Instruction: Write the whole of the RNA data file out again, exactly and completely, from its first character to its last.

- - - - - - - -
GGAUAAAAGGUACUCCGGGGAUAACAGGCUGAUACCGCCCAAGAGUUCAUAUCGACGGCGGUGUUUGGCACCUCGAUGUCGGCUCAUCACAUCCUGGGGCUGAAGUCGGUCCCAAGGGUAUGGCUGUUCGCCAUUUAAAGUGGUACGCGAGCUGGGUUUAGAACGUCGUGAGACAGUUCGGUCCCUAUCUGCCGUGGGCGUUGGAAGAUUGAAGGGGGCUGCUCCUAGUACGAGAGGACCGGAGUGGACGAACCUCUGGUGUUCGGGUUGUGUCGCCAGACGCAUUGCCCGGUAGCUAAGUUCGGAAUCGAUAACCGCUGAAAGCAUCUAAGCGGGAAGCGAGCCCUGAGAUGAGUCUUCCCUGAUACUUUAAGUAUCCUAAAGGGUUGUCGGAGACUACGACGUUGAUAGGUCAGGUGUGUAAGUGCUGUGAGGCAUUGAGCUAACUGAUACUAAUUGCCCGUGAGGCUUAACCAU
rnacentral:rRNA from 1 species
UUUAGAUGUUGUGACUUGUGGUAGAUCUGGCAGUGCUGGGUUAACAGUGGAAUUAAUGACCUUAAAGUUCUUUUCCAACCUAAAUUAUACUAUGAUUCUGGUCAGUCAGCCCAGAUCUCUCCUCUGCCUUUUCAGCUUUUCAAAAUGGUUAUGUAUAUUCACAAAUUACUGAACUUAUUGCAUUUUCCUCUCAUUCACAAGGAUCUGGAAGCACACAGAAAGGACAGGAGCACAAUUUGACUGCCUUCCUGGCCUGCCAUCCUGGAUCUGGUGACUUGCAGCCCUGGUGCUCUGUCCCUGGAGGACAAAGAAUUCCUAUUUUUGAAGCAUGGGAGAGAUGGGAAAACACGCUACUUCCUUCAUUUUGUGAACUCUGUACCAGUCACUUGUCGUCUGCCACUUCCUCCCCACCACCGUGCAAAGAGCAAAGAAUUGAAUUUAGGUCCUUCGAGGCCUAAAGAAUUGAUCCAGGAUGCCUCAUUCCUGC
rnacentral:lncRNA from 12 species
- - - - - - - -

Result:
GGAUAAAAGGUACUCCGGGGAUAACAGGCUGAUACCGCCCAAGAGUUCAUAUCGACGGCGGUGUUUGGCACCUCGAUGUCGGCUCAUCACAUCCUGGGGCUGAAGUCGGUCCCAAGGGUAUGGCUGUUCGCCAUUUAAAGUGGUACGCGAGCUGGGUUUAGAACGUCGUGAGACAGUUCGGUCCCUAUCUGCCGUGGGCGUUGGAAGAUUGAAGGGGGCUGCUCCUAGUACGAGAGGACCGGAGUGGACGAACCUCUGGUGUUCGGGUUGUGUCGCCAGACGCAUUGCCCGGUAGCUAAGUUCGGAAUCGAUAACCGCUGAAAGCAUCUAAGCGGGAAGCGAGCCCUGAGAUGAGUCUUCCCUGAUACUUUAAGUAUCCUAAAGGGUUGUCGGAGACUACGACGUUGAUAGGUCAGGUGUGUAAGUGCUGUGAGGCAUUGAGCUAACUGAUACUAAUUGCCCGUGAGGCUUAACCAU
rnacentral:rRNA from 1 species
UUUAGAUGUUGUGACUUGUGGUAGAUCUGGCAGUGCUGGGUUAACAGUGGAAUUAAUGACCUUAAAGUUCUUUUCCAACCUAAAUUAUACUAUGAUUCUGGUCAGUCAGCCCAGAUCUCUCCUCUGCCUUUUCAGCUUUUCAAAAUGGUUAUGUAUAUUCACAAAUUACUGAACUUAUUGCAUUUUCCUCUCAUUCACAAGGAUCUGGAAGCACACAGAAAGGACAGGAGCACAAUUUGACUGCCUUCCUGGCCUGCCAUCCUGGAUCUGGUGACUUGCAGCCCUGGUGCUCUGUCCCUGGAGGACAAAGAAUUCCUAUUUUUGAAGCAUGGGAGAGAUGGGAAAACACGCUACUUCCUUCAUUUUGUGAACUCUGUACCAGUCACUUGUCGUCUGCCACUUCCUCCCCACCACCGUGCAAAGAGCAAAGAAUUGAAUUUAGGUCCUUCGAGGCCUAAAGAAUUGAUCCAGGAUGCCUCAUUCCUGC
rnacentral:lncRNA from 12 species